This isn’t meant as a global condemnation of this interviewer’s quality or past work. As with her subject, I haven’t seen enough of it to render any overall judgment—and it is sometimes useful to respond to an evasive subject with an unusually blunt restatement of their views to draw them out or to force them to clarify their ideas.

Perhaps she has used that tactic to good effect elsewhere. (And the online attacks to which she’s been subjected are abhorrent assaults on decency by people who are perpetrating misbehavior orders of magnitude worse than hers.)

But in the interview, Newman relies on this technique to a remarkable extent, making it a useful illustration of a much broader pernicious trend. Peterson was not evasive or unwilling to be clear about his meaning. And Newman’s exaggerated restatements of his views mostly led viewers astray, not closer to the truth.

Peterson begins the interview by explaining why he tells young men to grow up and take responsibility for getting their lives together and becoming good partners. He notes he isn’t talking exclusively to men, and that he has lots of female fans.

“What’s in it for the women, though?” Newman asks.

“Well, what sort of partner do you want?” Peterson says. “Do you want an overgrown child? Or do you want someone to contend with who is going to help you?”

“So you’re saying,” Newman retorts, “that women have some sort of duty to help fix the crisis of masculinity.” But that’s not what he said. He posited a vested interest, not a duty.

“Women deeply want men who are competent and powerful,” Peterson goes on to assert. “And I don’t mean power in that they can exert tyrannical control over others. That’s not power. That’s just corruption. Power is competence. And why in the world would you not want a competent partner? Well, I know why, actually, you can’t dominate a competent partner. So if you want domination—”
The interviewer interrupts, “So you’re saying women want to dominate, is that what you’re saying?”
The next section of the interview concerns the pay gap between men and women, and whether it is rooted in gender itself or other nondiscriminatory factors:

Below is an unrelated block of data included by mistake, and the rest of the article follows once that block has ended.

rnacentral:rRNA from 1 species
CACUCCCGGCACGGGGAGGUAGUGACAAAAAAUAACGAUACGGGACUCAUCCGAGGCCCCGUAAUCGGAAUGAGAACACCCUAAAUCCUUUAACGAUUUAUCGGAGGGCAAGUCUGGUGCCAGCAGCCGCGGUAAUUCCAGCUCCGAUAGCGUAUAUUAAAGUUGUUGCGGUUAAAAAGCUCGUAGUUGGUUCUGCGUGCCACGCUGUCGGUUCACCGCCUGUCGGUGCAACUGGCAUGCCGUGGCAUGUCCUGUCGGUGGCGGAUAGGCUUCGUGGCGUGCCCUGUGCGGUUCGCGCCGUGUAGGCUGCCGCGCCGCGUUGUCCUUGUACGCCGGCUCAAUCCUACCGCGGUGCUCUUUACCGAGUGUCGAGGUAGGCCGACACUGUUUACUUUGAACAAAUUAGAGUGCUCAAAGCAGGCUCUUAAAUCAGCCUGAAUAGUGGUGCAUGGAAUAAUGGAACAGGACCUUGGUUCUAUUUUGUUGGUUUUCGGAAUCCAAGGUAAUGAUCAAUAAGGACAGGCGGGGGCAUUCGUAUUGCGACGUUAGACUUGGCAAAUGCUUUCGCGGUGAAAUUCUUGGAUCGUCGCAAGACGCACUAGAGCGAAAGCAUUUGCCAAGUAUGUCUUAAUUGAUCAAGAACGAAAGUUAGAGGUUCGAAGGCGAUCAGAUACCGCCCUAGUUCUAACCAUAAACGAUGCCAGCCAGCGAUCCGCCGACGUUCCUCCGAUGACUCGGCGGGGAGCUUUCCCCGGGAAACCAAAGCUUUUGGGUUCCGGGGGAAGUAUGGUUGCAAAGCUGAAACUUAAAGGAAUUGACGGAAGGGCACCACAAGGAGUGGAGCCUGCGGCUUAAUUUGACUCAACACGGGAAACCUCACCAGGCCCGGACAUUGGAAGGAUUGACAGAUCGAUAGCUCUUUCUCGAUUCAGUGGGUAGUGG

Newman: … that 9 percent pay gap,  that’s a gap between median hourly earnings between men and women. That exists.
Peterson: Yes. But there’s multiple reasons for that. One of them is gender, but that’s not the only reason. If you’re a social scientist worth your salt, you never do a univariate analysis. You say women in aggregate are paid less than men. Okay. Well then we break its down by age; we break it down by occupation; we break it down by interest; we break it down by personality.
Newman: But you’re saying, basically, it doesn’t matter if women aren’t getting to the top, because that’s what is skewing that gender pay gap, isn’t it? You’re saying that’s just a fact of life, women aren’t necessarily going to get to the top.
Peterson: No, I’m not saying it doesn’t matter, either. I’m saying there are multiple reasons for it.
Newman: Yeah, but why should women put up with those reasons?
Peterson: I’m not saying that they should put up with it! I’m saying that the claim that the wage gap between men and women is only due to sex is wrong. And it is wrong. There’s no doubt about that. The multivariate analysis have been done. So let me give you an example––
The interviewer seemed eager to impute to Peterson a belief that a large, extant wage gap between men and women is a “fact of life” that women should just “put up with,” though all those assertions are contrary to his real positions on the matter. 
Throughout this next section, the interviewer repeatedly tries to oversimplify Peterson’s view, as if he believes one factor he discusses is all-important, and then she seems to assume that because Peterson believes that given factor helps to explain a pay gap between men and women, he doesn’t support any actions that would bring about a more equal outcome.